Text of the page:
Humans have always had to make a living by the sweat of their brow. Our current conception of ‘Work’ is part of a continually emerging historical process, molded by available technology, social movements, and evolving ideas in economics. Depending on local conditions, ancient hunter-gatherers might work in steadily but gently throughout the year, or in strenuous, dangerous bursts followed by periods of downtime. Agriculture started to standardize things, with a rising crescendo of activity through the warm months, culminating in a final push at harvest time before slackening through the winter. The industrial revolution took the work indoors and spread it over the course of the year, creating a higher degree of predictability and security while sacrificing the freedom and leisure time of earlier eras.
As the Fourth Industrial Revolution dawns, it is clear that the realities of work are already undergoing radical changes. It is equally clear that the legacy of earlier iterations of the industrial revolution still informs many of our assumptions about what productive work looks like. Business and society have further to go to integrate the enormous changes of recent decades into our work practices, and our lives more generally. This presents an opportunity for the creation of new paradigms in the economic, social, and environmental spheres. Making the most of this opportunity will require a level of flexibility and openness to change. Fortunately, there are promising experiments being initiated by some businesses and governments to make our relationship to work congruent with the new realities of the 21st Century.
For starters, there is the Monday-Friday, 9am-5pm paradigm. This ‘standard’ work schedule is a vestige of assembly line work, and increasingly irrelevant to not only the rhythms of modern knowledge work, but many other aspects of our changing social landscape. Last year, when a New Zealand company experimented with a 4-day work week, they found that not only did employees report positive changes in their work-life balance, but that their productivity actually increased compared to those working 5 days. The key was a culture shift emphasizing tasks to be performed, rather than hours spent in the office. As managers shift their expectations along those lines, people will creatively alter their practices in response. In this case, the company’s employees even developed signals for their colleagues to indicate when they needed distraction-free work time.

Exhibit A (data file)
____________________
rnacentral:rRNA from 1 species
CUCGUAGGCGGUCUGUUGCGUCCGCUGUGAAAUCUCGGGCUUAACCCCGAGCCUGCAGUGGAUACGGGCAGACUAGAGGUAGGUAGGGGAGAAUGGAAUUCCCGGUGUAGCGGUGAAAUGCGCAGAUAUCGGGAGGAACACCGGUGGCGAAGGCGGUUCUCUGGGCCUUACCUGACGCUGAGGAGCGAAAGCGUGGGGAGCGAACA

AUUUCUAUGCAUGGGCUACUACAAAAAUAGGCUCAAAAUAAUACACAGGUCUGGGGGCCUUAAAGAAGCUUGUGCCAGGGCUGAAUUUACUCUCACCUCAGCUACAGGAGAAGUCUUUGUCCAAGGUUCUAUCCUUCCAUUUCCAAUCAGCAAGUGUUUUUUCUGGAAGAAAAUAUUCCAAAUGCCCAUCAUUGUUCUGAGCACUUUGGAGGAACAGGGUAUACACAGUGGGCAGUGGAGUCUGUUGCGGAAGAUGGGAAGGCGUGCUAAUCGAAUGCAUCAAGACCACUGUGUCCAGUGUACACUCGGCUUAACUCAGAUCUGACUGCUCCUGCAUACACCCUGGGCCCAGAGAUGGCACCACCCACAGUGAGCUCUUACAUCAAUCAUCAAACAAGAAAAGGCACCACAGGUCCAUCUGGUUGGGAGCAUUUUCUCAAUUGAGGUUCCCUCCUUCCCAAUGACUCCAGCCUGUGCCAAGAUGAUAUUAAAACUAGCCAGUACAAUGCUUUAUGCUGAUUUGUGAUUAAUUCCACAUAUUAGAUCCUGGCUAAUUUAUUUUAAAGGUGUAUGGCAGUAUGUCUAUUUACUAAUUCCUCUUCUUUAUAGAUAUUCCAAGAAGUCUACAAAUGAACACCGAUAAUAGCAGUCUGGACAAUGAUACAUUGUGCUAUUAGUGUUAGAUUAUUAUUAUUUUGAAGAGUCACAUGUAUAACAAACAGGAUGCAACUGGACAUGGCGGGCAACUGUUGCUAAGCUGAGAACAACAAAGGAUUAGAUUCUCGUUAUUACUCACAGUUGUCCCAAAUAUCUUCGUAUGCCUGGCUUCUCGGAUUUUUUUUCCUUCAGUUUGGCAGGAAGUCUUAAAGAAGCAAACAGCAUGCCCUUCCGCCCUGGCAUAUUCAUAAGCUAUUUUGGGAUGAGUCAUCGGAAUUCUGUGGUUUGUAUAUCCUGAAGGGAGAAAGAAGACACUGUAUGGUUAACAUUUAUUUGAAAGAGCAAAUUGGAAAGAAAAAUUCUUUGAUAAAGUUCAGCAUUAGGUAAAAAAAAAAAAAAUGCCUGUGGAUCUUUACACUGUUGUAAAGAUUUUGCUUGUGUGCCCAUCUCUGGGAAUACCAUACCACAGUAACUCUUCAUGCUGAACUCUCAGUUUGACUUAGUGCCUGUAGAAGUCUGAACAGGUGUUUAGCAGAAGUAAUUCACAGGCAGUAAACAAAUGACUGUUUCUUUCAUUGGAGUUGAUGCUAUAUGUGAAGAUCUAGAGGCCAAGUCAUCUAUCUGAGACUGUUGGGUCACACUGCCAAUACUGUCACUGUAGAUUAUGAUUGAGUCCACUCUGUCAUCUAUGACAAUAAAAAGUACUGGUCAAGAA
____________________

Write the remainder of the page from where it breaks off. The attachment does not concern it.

Smart companies recognize that, if the hiring process has done its job, their employees are capable and intrinsically motivated. They also realize that current technology allows for many of those workers to be productive pretty much anytime, anywhere. Taking advantage of this flexibility requires companies give up some control, but the resulting benefits in efficiency and employee satisfaction are more than worth it. As one tech executive from a company on the extreme end of flexible scheduling recently put it: “We believe the best talent in the world doesn’t want to be micromanaged…. we care far more about the results and impact you have on our business than how or where you work on a regular basis”. The manager of the future will more likely need to focus in the opposite direction – making sure your highly-motivated employees have sufficient downtime to avoid burnout.
The benefits of a more flexible, people-centered approach to work will radically reshape the business sphere, and ripple out beyond it. Less time in the physical office means smaller utility bills and less overhead generally. It also means less time lost to commuting, less wear and tear on transportation infrastructure, and less carbon in the air. Recognizing these economic and environmental benefits, Massachusetts’ governor recently proposed tax breaks to incentivize telecommuting. In the long run, adopting these new approaches could be a powerful weapon in our fight against climate change. They could also significantly alter the look and feel of our cities, reducing traffic gridlock and all of its negative impacts on quality of life.
Most importantly however, this emerging future brings the promise of happier and more fulfilled workers. For the past century or two, the trend has been towards tighter controls and more rigid management in the workplace. We are past the point of diminishing returns using this model, and it simply doesn’t make sense for most modern knowledge work. Employees who enjoy a high degree of autonomy and trust are more productive and engaged employees. Companies that recognize this and change their practices accordingly, will be the early adopters of the future of work